Will this work on the V12?

(JimD in Alabama) #9

yeah, for full drain that is the way unless you have an older car that has a drain petcock or has been modified.

Since attydallas3 just wanted to change his solution, i suggested siphon off a gallon or so.

(Kirbert - author of the Book, former owner of an '83 XJ-S H.E.) #10

That was my concern. Draining the coolant is supposed to get all the crud out of the end tank, but if the passages in this petcock are too small – as, IMHO, they are in the OEM petcock – the crud won’t pass through, it just drains the liquid and leaves the solid chunks in the rad. If I were designing a rad, the drain plug would be at least a 1/2" opening.

(Kirbert - author of the Book, former owner of an '83 XJ-S H.E.) #11

Disconnecting the lower hose will work, but it makes a helluva mess on the garage floor.

As the lower radiator hose on the XJ-S radiator is far above the bottom, it doesn’t work well to clear the crud out of the tank either. Plus it’s on the downstream side of the core, so the only crud there is crud that already made it through the core.

And I agree, the drain petcock on many cars – including my Hondas – is too restrictive to drain solids, only liquids will get drained. It’s almost as though carmakers want your car to have cooling problems when it gets older.

(JLo) #12

I used 3/8”. My theory is that if I flush it at least once a year coupled w coolant filters, it should stay fairly clean. Time will tell.

(Greg) #13

I assume we’d have to worry less for crud if the radiator was made of aluminum instead of steel?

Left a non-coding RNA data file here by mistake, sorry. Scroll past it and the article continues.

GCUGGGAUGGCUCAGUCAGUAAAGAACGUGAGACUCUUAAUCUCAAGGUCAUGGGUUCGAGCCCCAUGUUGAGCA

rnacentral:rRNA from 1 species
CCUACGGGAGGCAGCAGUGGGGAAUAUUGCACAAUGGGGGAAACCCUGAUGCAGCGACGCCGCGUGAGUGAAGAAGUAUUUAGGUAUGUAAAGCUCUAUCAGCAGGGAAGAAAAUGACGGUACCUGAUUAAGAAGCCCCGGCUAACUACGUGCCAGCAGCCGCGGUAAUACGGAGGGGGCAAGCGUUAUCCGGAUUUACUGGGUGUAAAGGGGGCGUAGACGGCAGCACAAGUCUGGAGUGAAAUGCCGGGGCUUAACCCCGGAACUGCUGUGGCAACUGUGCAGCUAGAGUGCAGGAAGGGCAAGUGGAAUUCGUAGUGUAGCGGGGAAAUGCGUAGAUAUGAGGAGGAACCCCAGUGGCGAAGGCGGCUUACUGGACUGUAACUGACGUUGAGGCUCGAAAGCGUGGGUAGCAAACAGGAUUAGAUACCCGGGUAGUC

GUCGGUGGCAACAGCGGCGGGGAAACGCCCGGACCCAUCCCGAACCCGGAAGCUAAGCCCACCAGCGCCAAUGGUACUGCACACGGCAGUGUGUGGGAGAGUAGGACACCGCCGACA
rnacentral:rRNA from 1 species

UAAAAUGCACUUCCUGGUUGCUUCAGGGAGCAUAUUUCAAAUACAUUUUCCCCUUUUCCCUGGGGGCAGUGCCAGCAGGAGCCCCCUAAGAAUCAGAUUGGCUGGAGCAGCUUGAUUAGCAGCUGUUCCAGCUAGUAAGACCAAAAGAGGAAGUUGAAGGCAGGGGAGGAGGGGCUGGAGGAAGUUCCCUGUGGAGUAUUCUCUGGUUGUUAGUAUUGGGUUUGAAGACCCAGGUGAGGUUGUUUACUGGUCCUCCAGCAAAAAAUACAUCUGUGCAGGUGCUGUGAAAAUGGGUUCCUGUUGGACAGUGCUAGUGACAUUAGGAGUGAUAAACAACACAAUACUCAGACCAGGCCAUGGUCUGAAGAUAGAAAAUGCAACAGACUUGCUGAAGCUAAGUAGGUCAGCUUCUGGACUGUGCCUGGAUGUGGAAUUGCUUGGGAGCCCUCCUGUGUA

Copper, with some brass bits I believe. The crud mostly comes to the rad not from. Basically a big filter for anything that can’t make it through the core tubes.


Removing the lower radiator hose to drain the radiator is almost impossible and can be life threatening

LOL! :laughing:


I thought about that possible method, too, Jim … Guess I’ll give it a try (btw, mine is 4.0, so no “crossover cap” - right?). :slightly_smiling_face:

(Kirbert - author of the Book, former owner of an '83 XJ-S H.E.) #17

Presuming you meant aluminum instead of brass? If your rad is made of steel, your car is probably overheating!

Correct, though, because the tubes in an aluminum radiator are much bigger and therefore harder to plug up. Once plugged up, though, you’ve got to throw the rad away and buy a new one. “Rodding out” a rad doesn’t work with an aluminum rad.

(Greg) #18

yeah, sorry, I meant brass.

My Volvos have aluminum radiators, and are super clean. Only issue? These aluminum radiators have the brilliant idea of mixing plastic with aluminum at some of the joints. Of course they contract/expand at different rates, and sure enough, after about 10-15 years they start leaking at the seams. Why don’t manufacturers make 100% aluminum radiators?

(JLo) #19

Right. Always wondered that too aside from the cost reduction from manufacturers. Often many models share same aluminum radiator core, and based upon the model they place the corresponding plastic top onto each.